Bed bug mania in Paris sparks surge in UK pest control calls

TikToker shares how to check hotel room for bed bugs

Bed bug experts are urging calm after stomach-churning reports of an outbreak in Paris triggered a spike in calls to pest controllers.

Images and videos apparently showing the critters crawling on seats on the city’s Metro, trains and buses sparked fears the infestation would spread to Britain.

Ricky Clark, managing director at Environ Pest Control, said he had seen a 20 percent surge in calls recently. However, this was due to heightened fears about bed bugs caused by the recent “hype” rather than a rise in actual cases.

Mr Clark said: “I have seen an uptick in pest-related calls for bed bugs in London, however a lot of these cases are not actually bed bugs. People are very anxious about it.

“There’s a viral video going around [claiming to show] a bed bug on someone on the tube, and I can see straight away that it’s not a bed bug.”

Mr Clark said he had also received calls from people suffering from delusional parasitosis, a psychiatric condition which causes the mistaken belief that they are plagued by parasites or organisms such as insects, worms or fleas.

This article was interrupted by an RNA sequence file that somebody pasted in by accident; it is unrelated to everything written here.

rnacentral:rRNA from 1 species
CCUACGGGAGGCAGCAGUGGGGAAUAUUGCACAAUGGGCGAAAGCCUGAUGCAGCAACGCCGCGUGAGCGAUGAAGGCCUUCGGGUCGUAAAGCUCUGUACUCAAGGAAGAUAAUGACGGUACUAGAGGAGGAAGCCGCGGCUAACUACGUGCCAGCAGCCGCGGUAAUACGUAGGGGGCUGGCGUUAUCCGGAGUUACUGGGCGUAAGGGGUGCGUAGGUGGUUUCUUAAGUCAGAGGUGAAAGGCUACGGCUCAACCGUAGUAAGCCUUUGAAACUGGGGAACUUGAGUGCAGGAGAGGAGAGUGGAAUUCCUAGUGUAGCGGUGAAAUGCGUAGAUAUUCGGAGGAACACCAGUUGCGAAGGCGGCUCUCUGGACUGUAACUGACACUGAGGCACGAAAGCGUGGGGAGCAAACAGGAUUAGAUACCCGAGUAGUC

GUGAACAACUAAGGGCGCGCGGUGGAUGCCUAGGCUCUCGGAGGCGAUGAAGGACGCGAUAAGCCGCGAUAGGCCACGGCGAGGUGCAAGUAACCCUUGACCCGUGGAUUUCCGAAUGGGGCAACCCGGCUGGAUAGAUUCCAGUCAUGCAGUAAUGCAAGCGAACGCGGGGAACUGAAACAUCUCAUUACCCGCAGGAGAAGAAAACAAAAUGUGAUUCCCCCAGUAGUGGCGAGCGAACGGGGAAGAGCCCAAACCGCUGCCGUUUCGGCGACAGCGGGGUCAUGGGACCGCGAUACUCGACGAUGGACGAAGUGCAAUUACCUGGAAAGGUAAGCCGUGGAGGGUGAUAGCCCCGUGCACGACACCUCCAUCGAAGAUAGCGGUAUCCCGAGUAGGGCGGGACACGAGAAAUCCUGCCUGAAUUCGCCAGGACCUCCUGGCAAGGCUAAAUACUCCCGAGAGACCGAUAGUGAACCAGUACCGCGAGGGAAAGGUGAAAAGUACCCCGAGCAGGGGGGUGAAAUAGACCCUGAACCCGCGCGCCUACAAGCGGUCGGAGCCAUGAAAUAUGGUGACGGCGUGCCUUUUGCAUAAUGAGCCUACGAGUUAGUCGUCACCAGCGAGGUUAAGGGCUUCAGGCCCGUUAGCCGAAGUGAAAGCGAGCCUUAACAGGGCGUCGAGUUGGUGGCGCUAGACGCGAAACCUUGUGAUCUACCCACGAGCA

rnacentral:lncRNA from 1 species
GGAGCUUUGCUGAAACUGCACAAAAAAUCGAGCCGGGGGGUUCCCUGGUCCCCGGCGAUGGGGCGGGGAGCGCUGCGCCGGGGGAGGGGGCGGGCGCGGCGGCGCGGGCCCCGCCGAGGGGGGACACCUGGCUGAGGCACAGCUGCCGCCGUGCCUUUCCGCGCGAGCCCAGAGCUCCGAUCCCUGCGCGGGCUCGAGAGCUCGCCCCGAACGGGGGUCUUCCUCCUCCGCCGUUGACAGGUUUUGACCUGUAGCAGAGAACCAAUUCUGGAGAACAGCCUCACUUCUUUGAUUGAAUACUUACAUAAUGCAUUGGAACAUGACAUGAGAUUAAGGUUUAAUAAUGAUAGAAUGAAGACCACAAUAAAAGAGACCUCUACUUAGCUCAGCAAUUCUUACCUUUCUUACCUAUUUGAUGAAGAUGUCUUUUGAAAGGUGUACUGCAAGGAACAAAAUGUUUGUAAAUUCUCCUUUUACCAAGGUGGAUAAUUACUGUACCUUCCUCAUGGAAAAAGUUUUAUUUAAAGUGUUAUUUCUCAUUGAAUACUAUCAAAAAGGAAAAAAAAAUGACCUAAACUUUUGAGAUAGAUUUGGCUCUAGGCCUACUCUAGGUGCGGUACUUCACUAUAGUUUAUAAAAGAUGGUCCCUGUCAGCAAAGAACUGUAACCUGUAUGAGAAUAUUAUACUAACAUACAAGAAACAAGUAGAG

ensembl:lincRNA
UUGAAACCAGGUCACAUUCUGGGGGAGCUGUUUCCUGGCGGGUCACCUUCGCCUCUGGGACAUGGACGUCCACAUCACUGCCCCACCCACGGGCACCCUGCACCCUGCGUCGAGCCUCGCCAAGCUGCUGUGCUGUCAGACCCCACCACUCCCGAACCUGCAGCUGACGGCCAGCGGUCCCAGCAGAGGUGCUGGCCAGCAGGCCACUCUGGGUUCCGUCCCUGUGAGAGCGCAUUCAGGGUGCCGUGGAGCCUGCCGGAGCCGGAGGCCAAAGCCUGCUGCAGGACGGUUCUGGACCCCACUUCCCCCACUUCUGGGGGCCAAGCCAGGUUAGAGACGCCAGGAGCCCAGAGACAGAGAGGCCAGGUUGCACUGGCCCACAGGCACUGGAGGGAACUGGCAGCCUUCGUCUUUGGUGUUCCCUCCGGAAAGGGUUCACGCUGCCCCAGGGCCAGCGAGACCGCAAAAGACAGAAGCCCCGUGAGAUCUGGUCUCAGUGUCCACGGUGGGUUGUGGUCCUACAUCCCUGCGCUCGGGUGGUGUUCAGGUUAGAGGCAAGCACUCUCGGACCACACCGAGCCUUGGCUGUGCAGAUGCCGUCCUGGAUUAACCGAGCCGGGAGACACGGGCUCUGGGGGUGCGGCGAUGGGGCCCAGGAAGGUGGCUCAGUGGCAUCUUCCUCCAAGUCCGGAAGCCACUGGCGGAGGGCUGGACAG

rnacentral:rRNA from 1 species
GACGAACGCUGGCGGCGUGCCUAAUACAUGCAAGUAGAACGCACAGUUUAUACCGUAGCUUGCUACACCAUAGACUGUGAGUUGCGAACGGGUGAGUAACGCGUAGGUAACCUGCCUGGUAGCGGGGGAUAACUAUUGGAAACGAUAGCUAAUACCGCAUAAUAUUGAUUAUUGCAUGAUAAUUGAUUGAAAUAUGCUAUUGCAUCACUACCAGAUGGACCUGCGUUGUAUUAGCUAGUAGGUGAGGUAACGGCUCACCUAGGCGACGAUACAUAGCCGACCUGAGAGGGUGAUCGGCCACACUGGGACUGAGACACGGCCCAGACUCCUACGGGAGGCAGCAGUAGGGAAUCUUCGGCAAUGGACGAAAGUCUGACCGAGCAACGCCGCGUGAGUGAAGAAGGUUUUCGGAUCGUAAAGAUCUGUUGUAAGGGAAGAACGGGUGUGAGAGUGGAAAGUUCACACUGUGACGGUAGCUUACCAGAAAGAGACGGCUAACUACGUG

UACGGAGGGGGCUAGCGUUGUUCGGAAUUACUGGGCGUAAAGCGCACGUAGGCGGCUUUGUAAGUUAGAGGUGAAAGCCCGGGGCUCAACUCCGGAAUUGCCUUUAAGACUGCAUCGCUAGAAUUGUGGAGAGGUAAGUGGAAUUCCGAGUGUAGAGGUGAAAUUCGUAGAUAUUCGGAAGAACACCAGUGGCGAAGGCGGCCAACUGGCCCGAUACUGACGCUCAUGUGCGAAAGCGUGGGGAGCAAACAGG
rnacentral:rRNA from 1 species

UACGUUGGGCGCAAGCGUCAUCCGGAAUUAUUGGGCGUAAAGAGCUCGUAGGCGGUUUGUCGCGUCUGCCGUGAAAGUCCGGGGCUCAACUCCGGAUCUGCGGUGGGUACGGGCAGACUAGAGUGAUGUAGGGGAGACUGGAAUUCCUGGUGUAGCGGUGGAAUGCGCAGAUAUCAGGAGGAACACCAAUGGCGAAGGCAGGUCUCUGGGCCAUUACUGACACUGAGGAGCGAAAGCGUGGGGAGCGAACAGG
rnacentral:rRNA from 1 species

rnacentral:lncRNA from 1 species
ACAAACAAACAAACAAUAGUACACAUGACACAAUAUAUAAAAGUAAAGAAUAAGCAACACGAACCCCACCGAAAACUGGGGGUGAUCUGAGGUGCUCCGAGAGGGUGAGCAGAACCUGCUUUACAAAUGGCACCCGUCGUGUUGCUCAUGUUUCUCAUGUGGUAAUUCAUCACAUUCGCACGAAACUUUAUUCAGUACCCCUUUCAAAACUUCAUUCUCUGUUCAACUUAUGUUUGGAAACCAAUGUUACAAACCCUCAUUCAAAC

He added: “When you hear these stories coming out of Paris, that increases people’s anxieties.”

Paul Blackhurst, head of technical academy at Rentokil, also urged people to “take these reports with a pinch of salt”.

He explained: “It could be one train or area that’s involved, or down to people being more aware of bed bugs.

“Lots of these images that we’ve seen on TikTok and elsewhere, I would question: are they actually bed bugs?

“We have got to take a realistic view, and a calm and considered approach.”

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Although their bites can cause itching and discomfort, bed bugs are not known to transmit diseases.

But infestations can have a serious impact on mental health, including triggering insomnia and depression.

The blood-sucking critters are also notoriously hard to kill and can survive in a zombie-like state known as stasis for months when food is scarce.

Aaron Clarke, a pest control technician at Pimlico Plumbers, said he was concerned about their ability to develop resistance to some insecticides. But he added that infestations were currently “few and far between” and he had seen no signs of an increase.

“Today was the first bed bug case I had to attend in over six weeks and it was far from an infestation,” Mr Clarke said.

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Professor James Logan, an expert in medical entomology at the London School of Hygiene and Tropical Medicine, said he had not seen any scientific evidence of an outbreak in Paris.

He added that if the city was experiencing a “bed bug boom” then people may carry them into the UK but “there’s a risk that we do that no matter where we travel”.

Meanwhile, Mr Clark urged anyone concerned about a possible infestation to call in professionals immediately, rather than turning to DIY products or old wives’ tales.

He added: “You can inadvertently make the problem worse and spread these things. Just call in the experts. We need to control and manage that infestation before it spreads further.”

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